Kate Stokes from Coco Flip Design Studio
Ahead of the Melbourne Design Week starting on March 14, we met with Kate Stokes of Coco Flip Design Studio to hear about Honey, her new collaboration with Bendigo Pottery, timber craftsman Charles Standford and glass artist Amanda Dziedzic. Honey is a collection of lighting designs including table lamp, pendant and wall sconce which feature slip cast ceramic stoneware or turned American white oak paird with hand-blown glass.
We talked about the inspiration behind Honey, the collaborative process and some of the highlights of the experience. Enjoy!
MM: How was the collaboration between many elements and different designers with different fields of expertise? (Bendigo Pottery, timber craftsman Charles Sandford and glass artist Amanda Dziedzic).
KS: The collaboration with these three Melbourne Artisans has been hugely enjoyable – they are all so incredibly talented and it's wonderful to work alongside people so dedicated to their craft. We've worked separately with each supplier and in doing so there are always a few challenges in bringing together the components in a seamless way. Each process is so delicate and there are natural variations in the items which is part of their appeal, but obviously we need some consistency to ensure the pieces work together.
We've worked with Charles Sandford since 2010 – they still turn our Coco Pendant tops or 'Coco Pops' as they call them. And I've known Amanda Dziedzic for some time and worked with her on a previous project. However, Bendigo Pottery was a completely new supplier for us and we hadn't worked with ceramics in a project before, so it was wonderful to learn more about the processes. We took a day trip out to Bendigo to visit the factory and Rod walked us through all of their manufacturing capabilities. He is just the kindest person and has been an absolute pleasure to work with.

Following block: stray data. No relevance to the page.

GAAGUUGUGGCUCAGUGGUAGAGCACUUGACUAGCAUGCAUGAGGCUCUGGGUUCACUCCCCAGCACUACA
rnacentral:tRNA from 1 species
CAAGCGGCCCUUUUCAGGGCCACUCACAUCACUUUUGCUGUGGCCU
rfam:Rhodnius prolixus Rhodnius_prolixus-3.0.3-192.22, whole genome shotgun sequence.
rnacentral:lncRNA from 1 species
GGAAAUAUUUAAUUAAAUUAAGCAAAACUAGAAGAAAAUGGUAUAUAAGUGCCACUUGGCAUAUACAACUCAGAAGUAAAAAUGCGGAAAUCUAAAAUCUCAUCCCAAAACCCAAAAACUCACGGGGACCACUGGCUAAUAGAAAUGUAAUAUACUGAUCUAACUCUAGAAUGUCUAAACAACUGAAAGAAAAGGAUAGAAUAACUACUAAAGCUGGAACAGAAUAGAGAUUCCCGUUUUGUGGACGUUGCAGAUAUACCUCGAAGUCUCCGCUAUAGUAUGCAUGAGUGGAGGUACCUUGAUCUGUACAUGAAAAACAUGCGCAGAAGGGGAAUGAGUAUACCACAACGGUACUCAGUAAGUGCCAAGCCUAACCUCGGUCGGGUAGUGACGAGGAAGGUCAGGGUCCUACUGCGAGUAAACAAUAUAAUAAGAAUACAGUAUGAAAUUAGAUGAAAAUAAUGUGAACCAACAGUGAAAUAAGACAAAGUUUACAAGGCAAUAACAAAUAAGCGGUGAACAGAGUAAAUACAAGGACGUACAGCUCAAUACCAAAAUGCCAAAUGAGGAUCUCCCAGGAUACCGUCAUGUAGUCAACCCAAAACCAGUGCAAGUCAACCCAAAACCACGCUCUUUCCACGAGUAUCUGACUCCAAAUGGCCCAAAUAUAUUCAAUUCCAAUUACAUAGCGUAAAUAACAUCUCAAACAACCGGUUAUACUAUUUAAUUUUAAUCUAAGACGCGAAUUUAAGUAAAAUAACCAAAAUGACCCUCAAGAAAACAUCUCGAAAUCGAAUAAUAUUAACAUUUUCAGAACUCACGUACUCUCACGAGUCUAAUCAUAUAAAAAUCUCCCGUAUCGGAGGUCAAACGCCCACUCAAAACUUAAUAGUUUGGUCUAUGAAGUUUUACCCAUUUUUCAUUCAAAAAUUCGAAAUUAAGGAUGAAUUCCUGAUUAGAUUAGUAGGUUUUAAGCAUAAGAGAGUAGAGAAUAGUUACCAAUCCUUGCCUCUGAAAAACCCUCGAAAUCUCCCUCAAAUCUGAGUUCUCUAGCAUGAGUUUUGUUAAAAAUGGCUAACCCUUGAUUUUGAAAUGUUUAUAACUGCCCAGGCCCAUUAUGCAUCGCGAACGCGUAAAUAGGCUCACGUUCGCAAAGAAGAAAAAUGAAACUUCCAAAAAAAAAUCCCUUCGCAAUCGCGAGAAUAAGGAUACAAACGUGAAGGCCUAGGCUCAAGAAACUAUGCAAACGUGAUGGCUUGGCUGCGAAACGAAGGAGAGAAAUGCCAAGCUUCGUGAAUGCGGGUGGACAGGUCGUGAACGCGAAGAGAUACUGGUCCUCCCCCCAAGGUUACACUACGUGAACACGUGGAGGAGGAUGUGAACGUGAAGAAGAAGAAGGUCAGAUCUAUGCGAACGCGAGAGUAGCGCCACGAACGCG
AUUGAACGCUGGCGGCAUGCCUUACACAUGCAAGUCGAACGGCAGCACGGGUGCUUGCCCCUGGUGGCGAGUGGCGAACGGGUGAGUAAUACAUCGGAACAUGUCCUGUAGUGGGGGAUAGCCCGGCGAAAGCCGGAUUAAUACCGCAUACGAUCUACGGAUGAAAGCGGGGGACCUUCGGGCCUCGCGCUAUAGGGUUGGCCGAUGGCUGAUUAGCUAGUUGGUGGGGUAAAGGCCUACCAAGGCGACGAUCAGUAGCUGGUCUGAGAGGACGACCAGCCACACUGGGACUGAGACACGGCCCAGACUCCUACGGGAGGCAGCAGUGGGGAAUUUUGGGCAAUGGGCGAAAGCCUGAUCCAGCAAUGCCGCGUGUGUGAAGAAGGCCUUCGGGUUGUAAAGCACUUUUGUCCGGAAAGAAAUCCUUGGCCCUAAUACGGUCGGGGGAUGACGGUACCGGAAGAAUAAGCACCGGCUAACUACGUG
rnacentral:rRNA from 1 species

MM: How was the process from beginning to end? Tell us a bit more about your design process.
KS: I love to sketch by hand and find that's how my ideas flow best, so that is always my first step. The table lamp was the first idea that I had down on paper and I thought it was quite a unique, sculptural form for a light – it sort of appeared to be melting into the table. After fleshing out the concept and testing some proportions and scale, Haslett 3D models the form and creates renders to help us visualise what the final product might look like.
For me it's important to know quite early in the process who we plan to make the piece with, so that we can work out the feasibility and costing etc. So we like to reach out to local manufacturers with a concept and drawings for initial quotes and to see if they have the capabilities to make our ideas come to fruition. From there we test, and tweak and test again until we come to a prototype that we're satisfied with.
MM: Whats is the main inspiration for Honey? How did you choose the materials and colours?
KS: We usually start our design process with a mood or a tone, and in this case we knew we wanted to work with slip cast ceramic and blown glass as we thought they would be a really nice pairing. I was thinking about the qualities of ceramics and glass and the process of slip casting, and glass blowing – the way a liquid material can be manipulated and solidified into a unique form. The contoured geometries are a reference to these processes and the flowing nature of any liquid – in particular honey with its viscosity. The form also resembles a honey dipper's soft curves and takes inspiration from an Art Deco sensibility.